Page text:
Creatives won’t want to see a flat looking image designed to capture high amounts of detail at the expense of looking pretty. For that reason a DIT will perform a base color adjustment so that what everyone sees looks useful. There’s much more info in the color section on this, but here’s the gist:
DIT gets the camera output via wireless transmission and normalizes it, plus adding the CDL (color decision list) on top. DP tells DIT what they want creatively and DIT applies it. DIT takes screen shots of on-set color decisions to communicate with post. This can be helpful as it’s an immediate visual of the look which might be lost or ignored in the CDL.
CDL is a specific type of LUT
Abelcine: “The American Society of Cinematographers (ASC) saw that there was a huge variety of LUT formats out there, which created a lot of problems between on-set tools and postproduction. So they came up with a standard they call an ASC Color Decision List (CDL). This is a 3D LUT with a relatively simple format. Most color-grading software applications can load an ASC CDL file, and many on-set tools can work with these files, so the ASC CDL offers the clearest solution for working with LUTs on set and in post.”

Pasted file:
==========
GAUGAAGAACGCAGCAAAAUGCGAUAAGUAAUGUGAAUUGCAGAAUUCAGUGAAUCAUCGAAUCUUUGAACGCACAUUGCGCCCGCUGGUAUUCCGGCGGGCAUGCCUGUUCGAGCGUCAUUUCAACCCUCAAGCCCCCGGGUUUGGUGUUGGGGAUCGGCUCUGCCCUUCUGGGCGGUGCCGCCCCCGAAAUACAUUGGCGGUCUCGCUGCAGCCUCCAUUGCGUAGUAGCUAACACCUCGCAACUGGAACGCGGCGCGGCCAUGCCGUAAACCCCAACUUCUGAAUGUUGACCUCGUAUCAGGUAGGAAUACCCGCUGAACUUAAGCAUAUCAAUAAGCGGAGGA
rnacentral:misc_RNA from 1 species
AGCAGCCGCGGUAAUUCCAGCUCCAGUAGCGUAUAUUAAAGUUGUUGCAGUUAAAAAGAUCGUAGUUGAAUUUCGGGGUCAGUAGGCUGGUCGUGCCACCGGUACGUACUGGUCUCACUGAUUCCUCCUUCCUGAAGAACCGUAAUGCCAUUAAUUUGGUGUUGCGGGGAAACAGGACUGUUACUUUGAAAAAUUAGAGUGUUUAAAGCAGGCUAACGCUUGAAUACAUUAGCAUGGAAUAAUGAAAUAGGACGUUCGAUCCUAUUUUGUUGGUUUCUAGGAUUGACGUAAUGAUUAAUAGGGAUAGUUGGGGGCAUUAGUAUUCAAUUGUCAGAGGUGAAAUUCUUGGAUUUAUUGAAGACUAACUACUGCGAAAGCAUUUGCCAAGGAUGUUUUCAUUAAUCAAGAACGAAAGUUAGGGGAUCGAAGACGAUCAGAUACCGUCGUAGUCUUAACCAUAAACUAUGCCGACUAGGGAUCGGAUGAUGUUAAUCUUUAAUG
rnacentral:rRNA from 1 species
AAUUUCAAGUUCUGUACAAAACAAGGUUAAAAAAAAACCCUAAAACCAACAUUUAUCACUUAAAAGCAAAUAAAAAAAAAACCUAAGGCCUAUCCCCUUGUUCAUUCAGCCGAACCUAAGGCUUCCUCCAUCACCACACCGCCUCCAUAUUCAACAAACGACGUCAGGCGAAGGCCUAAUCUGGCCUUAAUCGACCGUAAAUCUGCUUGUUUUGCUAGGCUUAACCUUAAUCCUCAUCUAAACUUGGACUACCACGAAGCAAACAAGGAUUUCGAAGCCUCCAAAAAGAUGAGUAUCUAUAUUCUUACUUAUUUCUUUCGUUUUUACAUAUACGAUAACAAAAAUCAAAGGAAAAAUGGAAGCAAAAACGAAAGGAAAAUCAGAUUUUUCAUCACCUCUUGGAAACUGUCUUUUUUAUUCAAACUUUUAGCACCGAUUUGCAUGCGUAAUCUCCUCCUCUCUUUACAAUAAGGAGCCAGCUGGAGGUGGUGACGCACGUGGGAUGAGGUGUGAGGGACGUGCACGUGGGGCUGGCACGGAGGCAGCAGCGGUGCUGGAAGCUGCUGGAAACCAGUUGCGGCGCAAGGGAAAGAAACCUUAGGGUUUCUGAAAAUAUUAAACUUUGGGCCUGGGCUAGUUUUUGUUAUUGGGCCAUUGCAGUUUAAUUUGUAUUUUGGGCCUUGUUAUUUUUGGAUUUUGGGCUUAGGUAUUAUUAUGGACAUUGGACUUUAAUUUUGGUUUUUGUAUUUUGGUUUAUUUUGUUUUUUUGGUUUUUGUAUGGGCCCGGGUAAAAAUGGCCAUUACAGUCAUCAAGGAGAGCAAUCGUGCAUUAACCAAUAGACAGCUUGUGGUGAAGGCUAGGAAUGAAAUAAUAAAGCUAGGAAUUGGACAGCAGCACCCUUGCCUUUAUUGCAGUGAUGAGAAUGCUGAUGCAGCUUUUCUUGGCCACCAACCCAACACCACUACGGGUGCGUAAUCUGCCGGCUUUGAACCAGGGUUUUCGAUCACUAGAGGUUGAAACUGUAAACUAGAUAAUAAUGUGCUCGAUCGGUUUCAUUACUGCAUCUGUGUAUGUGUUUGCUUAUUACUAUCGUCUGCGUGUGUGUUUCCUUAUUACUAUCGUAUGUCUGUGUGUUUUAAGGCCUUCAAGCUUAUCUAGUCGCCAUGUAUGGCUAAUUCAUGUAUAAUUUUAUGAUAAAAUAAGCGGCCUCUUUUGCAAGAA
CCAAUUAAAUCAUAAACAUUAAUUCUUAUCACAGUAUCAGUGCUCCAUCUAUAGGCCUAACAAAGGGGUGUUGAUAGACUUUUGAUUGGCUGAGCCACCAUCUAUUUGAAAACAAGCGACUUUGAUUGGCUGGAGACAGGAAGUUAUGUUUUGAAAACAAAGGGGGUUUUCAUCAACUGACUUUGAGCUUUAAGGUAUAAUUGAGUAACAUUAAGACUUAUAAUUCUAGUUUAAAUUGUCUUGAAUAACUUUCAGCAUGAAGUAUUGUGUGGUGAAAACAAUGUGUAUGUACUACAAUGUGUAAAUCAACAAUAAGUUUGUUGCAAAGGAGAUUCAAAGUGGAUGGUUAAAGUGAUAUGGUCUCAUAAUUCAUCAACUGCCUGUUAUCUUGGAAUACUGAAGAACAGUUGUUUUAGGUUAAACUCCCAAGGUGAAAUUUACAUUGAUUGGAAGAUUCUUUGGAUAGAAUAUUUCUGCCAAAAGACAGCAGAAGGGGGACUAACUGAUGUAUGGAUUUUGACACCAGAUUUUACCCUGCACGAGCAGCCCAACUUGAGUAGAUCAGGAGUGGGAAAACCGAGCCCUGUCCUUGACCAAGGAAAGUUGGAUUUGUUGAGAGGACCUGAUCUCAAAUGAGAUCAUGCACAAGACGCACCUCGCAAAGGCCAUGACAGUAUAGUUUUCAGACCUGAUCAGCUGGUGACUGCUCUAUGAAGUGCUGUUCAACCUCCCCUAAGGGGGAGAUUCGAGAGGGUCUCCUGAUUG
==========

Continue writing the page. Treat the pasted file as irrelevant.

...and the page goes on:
DPs usually combine the CDL with a LUT for a specific look as the CDL has a restricted set of parameters that can be changed. It’s basically primary corrections (slope, offset and power) and saturation. Similar to LUTs, you don’t get secondaries or any kind of spatial adjustments. CDL information is software agnostic, meaning it should reproduce in any compatible device or environment.
Red and Arri cameras allow you to predetermine “looks” in their own format. It’s similar conceptually to a LUT but brand-specific. The nice thing is, the look can easily be recalled in color with no more than a right click.